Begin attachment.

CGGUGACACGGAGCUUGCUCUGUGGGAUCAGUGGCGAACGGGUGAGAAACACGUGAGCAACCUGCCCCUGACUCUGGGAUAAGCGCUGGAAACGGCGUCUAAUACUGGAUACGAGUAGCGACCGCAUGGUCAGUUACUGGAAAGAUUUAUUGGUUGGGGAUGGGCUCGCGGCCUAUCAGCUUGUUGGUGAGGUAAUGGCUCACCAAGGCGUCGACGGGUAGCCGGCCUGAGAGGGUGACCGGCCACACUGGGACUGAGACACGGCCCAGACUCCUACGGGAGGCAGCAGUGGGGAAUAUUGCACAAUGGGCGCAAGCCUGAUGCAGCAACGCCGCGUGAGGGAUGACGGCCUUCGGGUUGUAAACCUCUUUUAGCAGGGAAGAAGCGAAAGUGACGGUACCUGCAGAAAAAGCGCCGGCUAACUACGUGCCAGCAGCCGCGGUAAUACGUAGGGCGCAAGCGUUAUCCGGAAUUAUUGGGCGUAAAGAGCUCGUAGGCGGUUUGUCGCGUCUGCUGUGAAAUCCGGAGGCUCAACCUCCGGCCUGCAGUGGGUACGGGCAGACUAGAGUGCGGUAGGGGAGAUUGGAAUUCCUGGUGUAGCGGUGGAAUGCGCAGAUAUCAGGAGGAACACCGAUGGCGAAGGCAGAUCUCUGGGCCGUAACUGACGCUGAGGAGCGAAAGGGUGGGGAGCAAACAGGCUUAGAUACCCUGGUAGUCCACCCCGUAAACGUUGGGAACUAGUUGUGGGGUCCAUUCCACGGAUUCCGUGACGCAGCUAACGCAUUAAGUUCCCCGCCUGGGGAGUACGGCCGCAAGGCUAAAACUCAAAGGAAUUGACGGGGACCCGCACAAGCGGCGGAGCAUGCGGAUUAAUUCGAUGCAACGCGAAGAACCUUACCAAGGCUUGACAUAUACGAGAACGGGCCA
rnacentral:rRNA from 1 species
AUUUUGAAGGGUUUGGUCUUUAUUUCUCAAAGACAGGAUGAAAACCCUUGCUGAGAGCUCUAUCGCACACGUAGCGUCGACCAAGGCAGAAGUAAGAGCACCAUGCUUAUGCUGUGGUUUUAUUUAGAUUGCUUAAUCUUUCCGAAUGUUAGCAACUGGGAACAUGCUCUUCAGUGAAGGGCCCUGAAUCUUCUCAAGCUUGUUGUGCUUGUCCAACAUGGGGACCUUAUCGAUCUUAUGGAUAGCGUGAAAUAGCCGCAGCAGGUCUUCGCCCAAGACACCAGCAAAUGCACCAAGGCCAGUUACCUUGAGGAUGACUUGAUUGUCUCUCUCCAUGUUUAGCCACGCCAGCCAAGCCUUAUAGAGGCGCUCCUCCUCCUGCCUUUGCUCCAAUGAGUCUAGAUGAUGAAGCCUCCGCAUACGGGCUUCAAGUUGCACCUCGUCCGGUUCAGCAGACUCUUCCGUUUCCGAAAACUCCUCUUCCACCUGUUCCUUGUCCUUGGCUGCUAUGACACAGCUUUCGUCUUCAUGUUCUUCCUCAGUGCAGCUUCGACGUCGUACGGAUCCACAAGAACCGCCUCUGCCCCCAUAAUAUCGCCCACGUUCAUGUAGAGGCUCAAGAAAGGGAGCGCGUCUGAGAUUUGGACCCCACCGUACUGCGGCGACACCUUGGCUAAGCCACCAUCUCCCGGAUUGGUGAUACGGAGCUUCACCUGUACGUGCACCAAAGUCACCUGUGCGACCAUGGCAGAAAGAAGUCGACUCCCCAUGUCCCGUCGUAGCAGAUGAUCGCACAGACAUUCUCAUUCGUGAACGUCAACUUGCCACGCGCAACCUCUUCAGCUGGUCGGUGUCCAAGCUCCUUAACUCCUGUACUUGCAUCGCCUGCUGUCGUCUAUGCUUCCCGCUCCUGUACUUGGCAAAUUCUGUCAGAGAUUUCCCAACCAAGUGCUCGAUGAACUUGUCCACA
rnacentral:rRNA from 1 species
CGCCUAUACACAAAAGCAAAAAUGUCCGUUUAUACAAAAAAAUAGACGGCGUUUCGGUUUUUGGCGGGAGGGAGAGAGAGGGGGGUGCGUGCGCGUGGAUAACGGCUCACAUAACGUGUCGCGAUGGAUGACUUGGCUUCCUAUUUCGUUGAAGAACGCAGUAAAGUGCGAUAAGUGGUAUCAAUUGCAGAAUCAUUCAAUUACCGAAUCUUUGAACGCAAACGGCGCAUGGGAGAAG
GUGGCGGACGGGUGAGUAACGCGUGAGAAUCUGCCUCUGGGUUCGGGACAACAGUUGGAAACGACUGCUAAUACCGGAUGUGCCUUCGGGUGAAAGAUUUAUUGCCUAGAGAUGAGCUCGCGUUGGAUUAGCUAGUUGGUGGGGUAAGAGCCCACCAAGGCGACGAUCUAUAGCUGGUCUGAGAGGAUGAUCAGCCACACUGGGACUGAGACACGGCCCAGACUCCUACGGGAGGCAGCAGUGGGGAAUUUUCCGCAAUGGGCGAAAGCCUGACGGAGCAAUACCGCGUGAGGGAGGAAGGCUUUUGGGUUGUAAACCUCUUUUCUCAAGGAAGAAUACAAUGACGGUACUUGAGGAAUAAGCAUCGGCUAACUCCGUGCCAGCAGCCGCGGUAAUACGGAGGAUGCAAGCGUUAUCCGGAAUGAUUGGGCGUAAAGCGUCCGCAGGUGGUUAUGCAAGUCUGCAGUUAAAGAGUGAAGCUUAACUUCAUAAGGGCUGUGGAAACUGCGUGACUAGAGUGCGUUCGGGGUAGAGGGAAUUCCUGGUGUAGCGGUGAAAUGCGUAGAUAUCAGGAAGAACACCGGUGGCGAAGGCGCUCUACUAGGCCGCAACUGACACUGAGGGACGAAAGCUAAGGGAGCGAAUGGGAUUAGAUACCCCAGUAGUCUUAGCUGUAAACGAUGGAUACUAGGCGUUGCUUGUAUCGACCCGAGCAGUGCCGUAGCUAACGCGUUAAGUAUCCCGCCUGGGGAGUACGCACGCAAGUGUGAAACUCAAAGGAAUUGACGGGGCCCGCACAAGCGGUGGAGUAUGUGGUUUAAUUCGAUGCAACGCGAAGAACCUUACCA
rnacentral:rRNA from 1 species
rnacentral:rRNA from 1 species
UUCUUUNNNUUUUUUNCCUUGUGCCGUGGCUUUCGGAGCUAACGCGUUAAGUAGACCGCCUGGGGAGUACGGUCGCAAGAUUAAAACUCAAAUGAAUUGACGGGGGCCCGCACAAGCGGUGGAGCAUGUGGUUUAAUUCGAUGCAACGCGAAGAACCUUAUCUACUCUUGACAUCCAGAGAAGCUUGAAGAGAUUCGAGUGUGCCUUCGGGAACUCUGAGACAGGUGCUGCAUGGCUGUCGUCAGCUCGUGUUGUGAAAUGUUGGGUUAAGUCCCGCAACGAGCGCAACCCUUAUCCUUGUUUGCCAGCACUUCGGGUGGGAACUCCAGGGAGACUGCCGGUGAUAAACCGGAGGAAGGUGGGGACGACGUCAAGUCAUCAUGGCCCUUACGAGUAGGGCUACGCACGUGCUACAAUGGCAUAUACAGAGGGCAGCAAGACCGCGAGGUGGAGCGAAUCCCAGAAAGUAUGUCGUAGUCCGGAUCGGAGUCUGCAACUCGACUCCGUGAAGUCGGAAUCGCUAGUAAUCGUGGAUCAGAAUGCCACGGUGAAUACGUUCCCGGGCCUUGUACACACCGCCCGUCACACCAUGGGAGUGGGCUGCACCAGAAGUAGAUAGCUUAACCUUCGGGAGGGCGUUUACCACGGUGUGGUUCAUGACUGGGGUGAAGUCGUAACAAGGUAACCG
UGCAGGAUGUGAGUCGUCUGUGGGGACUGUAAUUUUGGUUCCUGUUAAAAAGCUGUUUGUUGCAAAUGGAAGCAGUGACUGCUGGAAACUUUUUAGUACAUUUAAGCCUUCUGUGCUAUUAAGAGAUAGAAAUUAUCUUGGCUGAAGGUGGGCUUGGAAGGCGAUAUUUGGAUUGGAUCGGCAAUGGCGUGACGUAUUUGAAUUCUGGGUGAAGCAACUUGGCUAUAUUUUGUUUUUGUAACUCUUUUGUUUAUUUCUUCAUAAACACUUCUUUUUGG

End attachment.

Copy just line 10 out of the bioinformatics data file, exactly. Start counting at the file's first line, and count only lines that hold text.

UGCAGGAUGUGAGUCGUCUGUGGGGACUGUAAUUUUGGUUCCUGUUAAAAAGCUGUUUGUUGCAAAUGGAAGCAGUGACUGCUGGAAACUUUUUAGUACAUUUAAGCCUUCUGUGCUAUUAAGAGAUAGAAAUUAUCUUGGCUGAAGGUGGGCUUGGAAGGCGAUAUUUGGAUUGGAUCGGCAAUGGCGUGACGUAUUUGAAUUCUGGGUGAAGCAACUUGGCUAUAUUUUGUUUUUGUAACUCUUUUGUUUAUUUCUUCAUAAACACUUCUUUUUGG